Newspaper Association Tries New Reporting Approach

After years of fighting a "newspapers are dead" narrative, the Newspaper Association of America changed its approach to reporting its numbers. The group's new annual report, the first since dropping its quarterly releases, came out recently. Here's how things went.

Sometimes the best way to handle a messaging problem is to change the way you share the message.

The Newspaper Association of America, a trade group for an industry that’s had it anything but easy in the digital age, is trying that approach. Here’s how it’s going so far:

A new strategy: Last year, NAA revealed that it had changed its strategy for data releases. The reason? Its quarterly releases were leading to an avalanche of bad press for the industry. The association’s president and CEO, Caroline Little, said NAA would continue to release annual numbers each spring, with the goal of showing a broader picture of the industry’s financials. The changes corresponded with other changes to NAA’s data reporting in recent years, including the addition of niche publications.

The changes in action: Now spring is here, and with it the first test of the new strategy. And the results, which include new figures not provided in previous years, show that the industry is still struggling, though with some bright spots. As a whole, the industry saw a 2.6 percent drop in total revenue, albeit with some solid gains outside of advertising. The advertising numbers—which still make up slightly less than two-thirds of the total reported revenue—were weak, especially on the print side, which experienced a 8.6 percent decline. But growth from circulation—particularly paywall-driven digital circulation, which rose by 47 percent—was solid, and new business areas show some potential for the industry, particularly events and agency-style digital marketing.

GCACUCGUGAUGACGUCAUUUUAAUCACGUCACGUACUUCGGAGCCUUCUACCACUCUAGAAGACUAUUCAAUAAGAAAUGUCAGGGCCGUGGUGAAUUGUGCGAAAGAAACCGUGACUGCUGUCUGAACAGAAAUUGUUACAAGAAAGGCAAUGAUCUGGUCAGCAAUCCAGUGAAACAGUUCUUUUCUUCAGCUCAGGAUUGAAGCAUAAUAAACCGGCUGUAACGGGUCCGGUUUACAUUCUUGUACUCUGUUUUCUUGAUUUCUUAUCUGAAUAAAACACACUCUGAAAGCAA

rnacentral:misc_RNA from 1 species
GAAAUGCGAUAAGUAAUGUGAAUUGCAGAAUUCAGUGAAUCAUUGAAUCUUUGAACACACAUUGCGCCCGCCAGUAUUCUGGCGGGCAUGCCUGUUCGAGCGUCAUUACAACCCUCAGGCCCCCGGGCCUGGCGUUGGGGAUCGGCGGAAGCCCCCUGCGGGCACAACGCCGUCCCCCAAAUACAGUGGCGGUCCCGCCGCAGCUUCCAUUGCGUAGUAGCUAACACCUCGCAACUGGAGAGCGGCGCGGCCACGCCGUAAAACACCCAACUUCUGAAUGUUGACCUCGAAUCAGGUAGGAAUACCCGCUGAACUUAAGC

NAA said the data showed that the newspaper industry is still adapting to a tough climate.

“This trend reflects an industry evolving its business model in a significant way, taking advantage of developments in technology, consumer behavior, and advertiser interest, to grow audience and diversify its revenue stream,” the association said in a press release.

Did the change dial down the number of negative articles in the wake of the report? Not too much. They’re still fairly pessimistic.

But at least those stories aren’t hitting quarterly anymore, so that much is good news.


Ernie Smith

By Ernie Smith

Ernie Smith is a former senior editor for Associations Now. MORE

Got an article tip for us? Contact us and let us know!